Doing data differently: what counts for teachers in literacy classrooms
Gaining new insights into classroom literacy teaching by focusing on what teachers feel is important: a counterpoint to the narratives sustained by data from standardised testing.
This project is exploring how we might use quantitative data in creative, imaginative and personalised ways to find out about teachers’ everyday experiences of literacy provision, with a particular focus on aspects of experience that tend to escape more formal data gathering. We are interested in the potential for such work to produce new insights into what it is like to teach literacy.
The project aims to explore:
- teachers’ perspectives on what matters in everyday classroom literacy provision;
- what creative approaches to data visualisation might offer in helping to understand everyday literacy teaching;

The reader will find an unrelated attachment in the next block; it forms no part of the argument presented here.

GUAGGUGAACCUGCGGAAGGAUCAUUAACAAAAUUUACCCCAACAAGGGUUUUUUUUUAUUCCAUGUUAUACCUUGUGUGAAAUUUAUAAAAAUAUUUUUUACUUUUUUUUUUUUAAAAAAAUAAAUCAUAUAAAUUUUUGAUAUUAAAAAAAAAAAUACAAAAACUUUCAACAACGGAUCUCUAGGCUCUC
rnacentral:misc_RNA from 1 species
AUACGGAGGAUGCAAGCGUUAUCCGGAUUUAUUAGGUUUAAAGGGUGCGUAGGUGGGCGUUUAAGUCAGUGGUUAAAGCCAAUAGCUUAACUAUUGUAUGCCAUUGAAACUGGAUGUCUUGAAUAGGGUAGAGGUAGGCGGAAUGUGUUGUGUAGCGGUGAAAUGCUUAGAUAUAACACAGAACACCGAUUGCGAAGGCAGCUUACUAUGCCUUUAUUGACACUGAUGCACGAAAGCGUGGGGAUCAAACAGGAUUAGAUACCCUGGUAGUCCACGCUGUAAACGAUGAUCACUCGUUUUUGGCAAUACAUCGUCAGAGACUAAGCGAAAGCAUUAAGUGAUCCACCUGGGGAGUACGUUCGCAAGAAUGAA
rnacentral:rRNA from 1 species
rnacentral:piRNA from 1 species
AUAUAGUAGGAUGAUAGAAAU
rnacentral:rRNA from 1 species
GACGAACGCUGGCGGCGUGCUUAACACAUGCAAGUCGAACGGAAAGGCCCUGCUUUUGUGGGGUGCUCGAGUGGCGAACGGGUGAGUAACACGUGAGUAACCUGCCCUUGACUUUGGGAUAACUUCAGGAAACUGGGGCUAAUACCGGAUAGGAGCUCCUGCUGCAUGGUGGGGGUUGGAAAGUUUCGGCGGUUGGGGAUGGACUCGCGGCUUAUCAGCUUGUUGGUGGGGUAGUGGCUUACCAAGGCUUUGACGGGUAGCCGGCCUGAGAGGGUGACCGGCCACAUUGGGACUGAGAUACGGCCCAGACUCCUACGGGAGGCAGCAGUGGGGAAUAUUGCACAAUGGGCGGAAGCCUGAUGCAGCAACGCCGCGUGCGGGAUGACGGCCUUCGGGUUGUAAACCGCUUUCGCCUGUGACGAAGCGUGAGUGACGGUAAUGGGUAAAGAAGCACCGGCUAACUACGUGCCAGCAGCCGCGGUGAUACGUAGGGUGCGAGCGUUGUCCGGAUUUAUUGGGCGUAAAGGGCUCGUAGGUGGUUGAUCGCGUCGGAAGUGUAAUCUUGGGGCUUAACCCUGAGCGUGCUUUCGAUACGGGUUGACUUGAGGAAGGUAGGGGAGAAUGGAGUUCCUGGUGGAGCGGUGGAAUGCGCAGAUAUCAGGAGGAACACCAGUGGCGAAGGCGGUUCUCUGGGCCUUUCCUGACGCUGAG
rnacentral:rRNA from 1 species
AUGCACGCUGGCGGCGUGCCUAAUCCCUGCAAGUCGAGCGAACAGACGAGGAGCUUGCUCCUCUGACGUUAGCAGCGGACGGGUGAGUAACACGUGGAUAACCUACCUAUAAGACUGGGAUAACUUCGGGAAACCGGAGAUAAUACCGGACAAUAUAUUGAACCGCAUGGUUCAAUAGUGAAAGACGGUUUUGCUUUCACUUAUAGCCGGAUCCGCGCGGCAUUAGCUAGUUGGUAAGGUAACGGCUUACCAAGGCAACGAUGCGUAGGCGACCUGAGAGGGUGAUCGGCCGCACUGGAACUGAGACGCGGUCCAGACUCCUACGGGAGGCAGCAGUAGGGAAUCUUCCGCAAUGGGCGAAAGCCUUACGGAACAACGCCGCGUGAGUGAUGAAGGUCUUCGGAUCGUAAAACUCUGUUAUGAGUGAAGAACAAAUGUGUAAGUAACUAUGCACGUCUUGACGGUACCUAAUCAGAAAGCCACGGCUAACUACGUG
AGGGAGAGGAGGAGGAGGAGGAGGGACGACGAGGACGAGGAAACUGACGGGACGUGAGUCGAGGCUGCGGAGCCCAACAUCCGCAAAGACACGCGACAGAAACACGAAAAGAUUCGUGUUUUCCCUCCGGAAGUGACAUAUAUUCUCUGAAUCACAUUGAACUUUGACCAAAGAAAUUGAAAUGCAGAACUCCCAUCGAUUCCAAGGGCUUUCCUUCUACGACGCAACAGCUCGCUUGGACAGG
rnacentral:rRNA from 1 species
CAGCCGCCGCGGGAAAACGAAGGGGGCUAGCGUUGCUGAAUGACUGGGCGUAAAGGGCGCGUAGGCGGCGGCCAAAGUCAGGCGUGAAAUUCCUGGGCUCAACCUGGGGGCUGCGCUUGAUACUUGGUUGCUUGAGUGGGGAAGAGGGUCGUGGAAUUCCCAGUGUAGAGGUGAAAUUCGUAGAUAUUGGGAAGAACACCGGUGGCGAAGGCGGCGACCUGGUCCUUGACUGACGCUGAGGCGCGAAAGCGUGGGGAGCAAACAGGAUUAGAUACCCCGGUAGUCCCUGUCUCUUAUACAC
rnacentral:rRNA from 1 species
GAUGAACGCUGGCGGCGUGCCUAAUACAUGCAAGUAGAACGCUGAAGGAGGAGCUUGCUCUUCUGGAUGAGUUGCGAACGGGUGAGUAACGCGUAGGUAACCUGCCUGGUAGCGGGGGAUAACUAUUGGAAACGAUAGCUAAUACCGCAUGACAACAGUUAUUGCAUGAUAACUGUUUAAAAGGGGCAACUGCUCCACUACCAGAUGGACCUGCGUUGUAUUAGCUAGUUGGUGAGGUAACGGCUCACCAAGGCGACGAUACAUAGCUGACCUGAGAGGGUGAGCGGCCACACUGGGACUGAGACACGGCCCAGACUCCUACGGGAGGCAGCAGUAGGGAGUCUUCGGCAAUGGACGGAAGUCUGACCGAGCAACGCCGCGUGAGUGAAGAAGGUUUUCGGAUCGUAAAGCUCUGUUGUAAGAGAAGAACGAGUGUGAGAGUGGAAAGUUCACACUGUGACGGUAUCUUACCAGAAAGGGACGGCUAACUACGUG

- the kind of teacher reflection prompted by making and sharing postcards;
- teachers’ perspectives on the value of this process to their professional lives.
The outcomes will provide stakeholders, including policy-makers, teaching unions, educational leaders and parents, insights into the complexities of classroom life, and will generate a resource to stimulate discussion amongst teachers about aspects of their professional lives that are often overlooked in public and political discourses on schooling.
British Academy, Leverhulme Trust